Reversible inactivation of the basolateral amygdala, but not the dorsolateral caudate putamen, attenuates consolidation of cocaine-cue associative learning in a reinstatement model of drug-seeking


Dr Ronald E. See, as above.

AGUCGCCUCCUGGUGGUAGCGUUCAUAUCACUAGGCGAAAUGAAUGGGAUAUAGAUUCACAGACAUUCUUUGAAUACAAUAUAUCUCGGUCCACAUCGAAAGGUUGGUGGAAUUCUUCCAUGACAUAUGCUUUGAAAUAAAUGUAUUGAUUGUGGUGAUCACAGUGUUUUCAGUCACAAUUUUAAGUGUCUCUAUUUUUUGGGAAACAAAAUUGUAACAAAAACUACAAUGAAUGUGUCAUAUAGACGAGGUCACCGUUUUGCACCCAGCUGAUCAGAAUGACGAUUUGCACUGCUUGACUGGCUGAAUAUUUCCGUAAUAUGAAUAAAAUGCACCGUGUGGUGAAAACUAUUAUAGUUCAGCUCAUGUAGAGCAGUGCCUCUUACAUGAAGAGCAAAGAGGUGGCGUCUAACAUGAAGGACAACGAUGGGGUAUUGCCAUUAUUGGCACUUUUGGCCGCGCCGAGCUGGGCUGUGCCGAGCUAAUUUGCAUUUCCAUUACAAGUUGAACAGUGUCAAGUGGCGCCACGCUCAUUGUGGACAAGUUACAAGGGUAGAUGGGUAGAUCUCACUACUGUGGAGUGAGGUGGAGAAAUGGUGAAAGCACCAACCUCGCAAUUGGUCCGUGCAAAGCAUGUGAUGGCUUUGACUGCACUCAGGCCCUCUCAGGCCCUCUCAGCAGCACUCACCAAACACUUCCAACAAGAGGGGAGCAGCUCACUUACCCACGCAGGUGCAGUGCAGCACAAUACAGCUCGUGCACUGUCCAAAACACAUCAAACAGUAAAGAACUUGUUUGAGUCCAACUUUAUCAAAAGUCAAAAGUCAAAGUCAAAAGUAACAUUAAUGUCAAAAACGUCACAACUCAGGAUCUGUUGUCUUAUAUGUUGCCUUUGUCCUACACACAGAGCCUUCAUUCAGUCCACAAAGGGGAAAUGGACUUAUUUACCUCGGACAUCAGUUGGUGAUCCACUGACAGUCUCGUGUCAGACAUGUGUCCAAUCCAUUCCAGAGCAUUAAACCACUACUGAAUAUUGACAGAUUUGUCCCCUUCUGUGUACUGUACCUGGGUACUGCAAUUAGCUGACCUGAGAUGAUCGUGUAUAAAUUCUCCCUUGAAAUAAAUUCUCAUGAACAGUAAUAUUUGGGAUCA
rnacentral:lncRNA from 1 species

Previous research has shown that the basolateral amygdala (BLA) mediates stimulus-reward learning, including drug-cue associations, whereas the dorsolateral caudate putamen (dlCPu) primarily mediates stimulus-response (habit) learning. Recent evidence has indicated that the dlCPu may be critical in cocaine-seeking following extended self-administration, but it remains unknown whether the dlCPu plays a role in the early formation of drug-cue associations. The current study used a model of Pavlovian learning to compare the roles of the BLA and dlCPu in the consolidation of cocaine-cue associations that maintain cocaine-seeking during cue-induced reinstatement. Male Sprague-Dawley rats self-administered cocaine (0.2 mg/50 μL infusion, i.v.) in the absence of cues for 6 days (2 h/day). Immediately following a single 1-h classical conditioning session in which passive cocaine infusions were paired with a light/tone cue, animals received bilateral infusions of the GABA receptor agonists, baclofen/muscimol (1.0/0.1 mm), or vehicle into the BLA or dlCPu. Following additional cocaine self-administration (5 days) and subsequent extinction (no cocaine or cues, 7 days), the ability of the previously cocaine-paired cues to reinstate cocaine-seeking was assessed. Inactivation of the BLA, but not the dlCPu, immediately following the classical conditioning session impaired the consolidation of cocaine-cue associations as seen by decreased cue-induced reinstatement. These results extend previous findings that the BLA mediates the consolidation of learned associations that drive cocaine-seeking during subsequent reinstatement and indicate that the dlCPu does not play a role during initial stimulus-drug associative learning.